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  1. Yellow Pond-lily, Nuphar polysepalum

An image of a yellow water lily
Author

Montana has so many beautiful lakes and ponds, I had to add an aquatic plant to the list! The Yellow Pond-lily has large, heart-shaped leaves and grows in shallow, slow-moving water.

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  1. Sticky Geranium, Geranium viscosissimum

An image of a Sticky Geranium flower
Author

The star-shaped purple flowers on this slightly furry plant can be hard to miss! Find it in the western half of the state.

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  1. White Mule’s Ears, Wyethia helianthoides

An image of White Mules Ears flowers
Author

Do the long, oval petals of this flower look like mule ears to you? This member of the sunflower family grows primarily in Southwest Montana.

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  1. Wood’s Rose – Rosa woodsia

An image of a rose
Author

Montana is home to a couple types of wild rose, but the Wood’s Rose is a common one found all over the state. If you’ve been out hiking in the fall, you might recognize the red fruit produced by a rose plant, which are called “rosehips”.

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  1. Bonus Flower: Musk Thistle

Would you believe that the beautiful flower pictured in the header is actually a noxious weed? Carduus nutans, or Musk Thistle, was introduced to North America in the 1800s. It is now commonly found on roadsides throughout the United States.  Musk Thistles can grow up to six feet tall!

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If you just can’t get enough of Montana’s wildflowers, below are some of my favorite resources. Remember that while these can be fun to use, always check with a professional if you need to identify a specific plant for a special use. Additionally, while I’ve tried to make all this information as accurate as possible, please let me know if you notice an error.

Digital and Free

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  • Wildflowers of Montana by Donald Anthony Schiemann
  • 265 Images of Northern Rocky Mountain Wildflowers by A. Scott Earle & Jane Lundin
  • Montana Trees & Wildflowers Pocket Naturalist Guide by Kavanagh & Leung

Camping Without the Crowds

By: Breanna Harmer

Choosing the correct time of year is crucial.

Think a little outside of peak season when camping.

I’m personally a fan of mid-May and September.

Two Medicine, Glacier National Park in September

Consider backpacking. Yes, it is a bit more work but it is also 100% worth it.

Waking up to a backcountry sunrise is an unbeatable feeling.

I would highly recommend the Grand Tetons in August, especially if you’re a fan of wildflowers. It is still chilly so pack your warm gear!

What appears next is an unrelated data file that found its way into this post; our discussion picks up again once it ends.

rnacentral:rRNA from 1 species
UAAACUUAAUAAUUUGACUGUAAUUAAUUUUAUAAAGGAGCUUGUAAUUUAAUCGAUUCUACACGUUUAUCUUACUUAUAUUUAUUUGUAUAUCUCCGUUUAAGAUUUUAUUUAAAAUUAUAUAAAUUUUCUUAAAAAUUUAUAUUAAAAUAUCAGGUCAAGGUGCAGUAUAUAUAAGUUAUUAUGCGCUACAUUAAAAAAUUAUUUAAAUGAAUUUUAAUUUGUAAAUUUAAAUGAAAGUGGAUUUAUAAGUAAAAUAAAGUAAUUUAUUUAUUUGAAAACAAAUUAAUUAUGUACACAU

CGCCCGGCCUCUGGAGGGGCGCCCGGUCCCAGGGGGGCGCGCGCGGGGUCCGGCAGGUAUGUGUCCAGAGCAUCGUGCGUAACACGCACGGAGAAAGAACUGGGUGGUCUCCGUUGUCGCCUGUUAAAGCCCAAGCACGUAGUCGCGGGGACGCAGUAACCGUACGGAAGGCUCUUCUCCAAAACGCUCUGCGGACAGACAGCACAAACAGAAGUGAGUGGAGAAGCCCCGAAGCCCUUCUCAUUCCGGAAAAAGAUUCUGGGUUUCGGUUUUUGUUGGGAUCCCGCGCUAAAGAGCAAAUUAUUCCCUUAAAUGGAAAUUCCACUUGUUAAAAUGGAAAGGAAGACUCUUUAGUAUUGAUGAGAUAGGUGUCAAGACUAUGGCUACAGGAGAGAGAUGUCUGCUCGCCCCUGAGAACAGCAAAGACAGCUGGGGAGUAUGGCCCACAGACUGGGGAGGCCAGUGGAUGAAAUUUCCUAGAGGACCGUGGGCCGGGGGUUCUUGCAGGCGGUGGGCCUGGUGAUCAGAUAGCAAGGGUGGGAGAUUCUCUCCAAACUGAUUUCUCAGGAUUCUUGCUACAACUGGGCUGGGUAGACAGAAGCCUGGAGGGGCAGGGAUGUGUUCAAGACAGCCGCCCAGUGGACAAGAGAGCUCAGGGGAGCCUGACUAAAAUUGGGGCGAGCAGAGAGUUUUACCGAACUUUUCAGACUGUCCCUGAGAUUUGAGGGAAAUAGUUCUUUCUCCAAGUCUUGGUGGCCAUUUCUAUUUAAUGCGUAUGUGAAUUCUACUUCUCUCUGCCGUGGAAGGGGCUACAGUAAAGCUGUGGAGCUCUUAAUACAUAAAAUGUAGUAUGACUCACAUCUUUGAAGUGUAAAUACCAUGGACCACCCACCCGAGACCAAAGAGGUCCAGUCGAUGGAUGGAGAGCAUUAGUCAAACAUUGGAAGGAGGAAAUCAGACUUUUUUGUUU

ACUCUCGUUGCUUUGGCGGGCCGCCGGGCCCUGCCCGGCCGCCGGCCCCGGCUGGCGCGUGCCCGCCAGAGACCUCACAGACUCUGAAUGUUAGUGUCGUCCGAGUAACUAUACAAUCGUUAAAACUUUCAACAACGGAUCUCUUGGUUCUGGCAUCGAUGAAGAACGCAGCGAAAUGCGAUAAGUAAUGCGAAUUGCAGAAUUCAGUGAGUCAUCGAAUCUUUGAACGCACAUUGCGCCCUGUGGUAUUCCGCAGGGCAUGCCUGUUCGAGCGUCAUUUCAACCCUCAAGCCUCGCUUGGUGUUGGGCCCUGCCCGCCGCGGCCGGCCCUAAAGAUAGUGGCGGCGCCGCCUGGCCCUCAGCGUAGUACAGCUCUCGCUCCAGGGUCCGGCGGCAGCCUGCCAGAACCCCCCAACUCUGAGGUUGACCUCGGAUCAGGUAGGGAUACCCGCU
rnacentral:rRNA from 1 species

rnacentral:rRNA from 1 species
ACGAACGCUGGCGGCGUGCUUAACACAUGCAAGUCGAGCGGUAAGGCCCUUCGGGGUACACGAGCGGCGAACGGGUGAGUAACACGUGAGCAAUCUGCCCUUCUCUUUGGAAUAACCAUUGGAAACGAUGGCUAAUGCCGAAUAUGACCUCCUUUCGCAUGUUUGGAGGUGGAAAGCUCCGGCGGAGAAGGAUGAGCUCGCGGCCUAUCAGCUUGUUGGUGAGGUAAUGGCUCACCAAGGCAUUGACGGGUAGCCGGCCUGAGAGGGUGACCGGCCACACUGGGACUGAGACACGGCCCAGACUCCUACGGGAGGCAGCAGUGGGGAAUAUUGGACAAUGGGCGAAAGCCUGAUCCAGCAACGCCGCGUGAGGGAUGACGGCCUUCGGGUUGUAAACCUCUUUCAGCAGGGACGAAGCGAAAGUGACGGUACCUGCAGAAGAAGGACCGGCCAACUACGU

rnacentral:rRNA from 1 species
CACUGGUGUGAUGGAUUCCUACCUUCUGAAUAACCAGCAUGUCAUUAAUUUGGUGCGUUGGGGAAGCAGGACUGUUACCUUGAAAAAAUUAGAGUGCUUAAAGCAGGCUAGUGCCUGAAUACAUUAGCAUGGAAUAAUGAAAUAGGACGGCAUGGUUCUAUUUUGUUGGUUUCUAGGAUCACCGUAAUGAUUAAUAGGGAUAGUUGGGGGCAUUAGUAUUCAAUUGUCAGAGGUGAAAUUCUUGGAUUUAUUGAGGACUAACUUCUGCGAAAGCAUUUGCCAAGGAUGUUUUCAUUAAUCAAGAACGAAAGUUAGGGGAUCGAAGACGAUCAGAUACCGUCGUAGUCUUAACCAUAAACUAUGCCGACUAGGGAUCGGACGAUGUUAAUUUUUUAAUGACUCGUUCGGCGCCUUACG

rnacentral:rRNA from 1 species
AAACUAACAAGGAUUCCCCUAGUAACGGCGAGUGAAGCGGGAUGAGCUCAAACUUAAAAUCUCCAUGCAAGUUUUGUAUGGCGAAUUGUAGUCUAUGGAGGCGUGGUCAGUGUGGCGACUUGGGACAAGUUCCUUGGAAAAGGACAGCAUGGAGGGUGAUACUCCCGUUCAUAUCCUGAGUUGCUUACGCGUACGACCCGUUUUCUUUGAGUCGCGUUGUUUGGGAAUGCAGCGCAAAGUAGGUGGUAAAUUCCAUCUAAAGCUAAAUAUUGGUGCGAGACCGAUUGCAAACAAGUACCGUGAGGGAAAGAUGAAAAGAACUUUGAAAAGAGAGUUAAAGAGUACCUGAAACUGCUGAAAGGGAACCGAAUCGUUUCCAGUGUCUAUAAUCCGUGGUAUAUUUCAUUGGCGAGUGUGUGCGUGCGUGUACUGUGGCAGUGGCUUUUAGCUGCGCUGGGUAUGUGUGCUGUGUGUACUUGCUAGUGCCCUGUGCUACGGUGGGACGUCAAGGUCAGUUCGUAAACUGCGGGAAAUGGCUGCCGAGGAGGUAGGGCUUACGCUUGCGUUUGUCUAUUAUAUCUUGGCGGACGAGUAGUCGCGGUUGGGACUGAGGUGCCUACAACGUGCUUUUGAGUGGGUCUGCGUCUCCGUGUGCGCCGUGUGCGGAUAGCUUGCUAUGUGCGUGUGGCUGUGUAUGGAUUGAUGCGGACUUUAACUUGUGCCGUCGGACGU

Get your backcountry permit early! It is surprising how quickly these go and there are limited sites. If you’re unlucky and don’t get a permit you might be forced to find a different hike or abandon your backcountry plans altogether.

Check out apps like AllTrails

We went backpacking in the Mission Mountain Wilderness on the 4th of July and it was one of the best ideas we’ve had. There weren’t many people, the weather was perfect, and we were away from the National Park chaos.

Holidays like Memorial Day, 4th of July and Labor Day are major camping holidays. Opt-out of the beer and think whiskey and backpacking. Look for trails that are more under the radar. There might be some like-minded people like you on the trail but far less then if you were to try to claim your stake on Seeley Lake or Flathead.

Be flexible! If a site seems too busy, don’t be afraid to look for a different one. Some of my favorite camping sites have been found after leaving a less exciting one behind.

Checking a map for a water source is a good way of finding a good site. Chances are that if it’s near a river or lake that it’ll come with a view as well.

Avoid geotagging on social media. If you like a site because there weren’t many people there, don’t expose it.

This might be controversial but I really do believe every little bit helps in preserving the things we love. It’s one thing to tell a few friends but if you have 1,000 followers on Instagram, you could possibly be telling around 1,000 people about this newfound gem. Mum’s the word

Don’t worry, he wasn’t caught. Just an expert fence climber!

I also think part of the joy of camping comes from discovering new spots on your own. It has become too easy to look everything up, it’ll mean more to you if you find it yourself.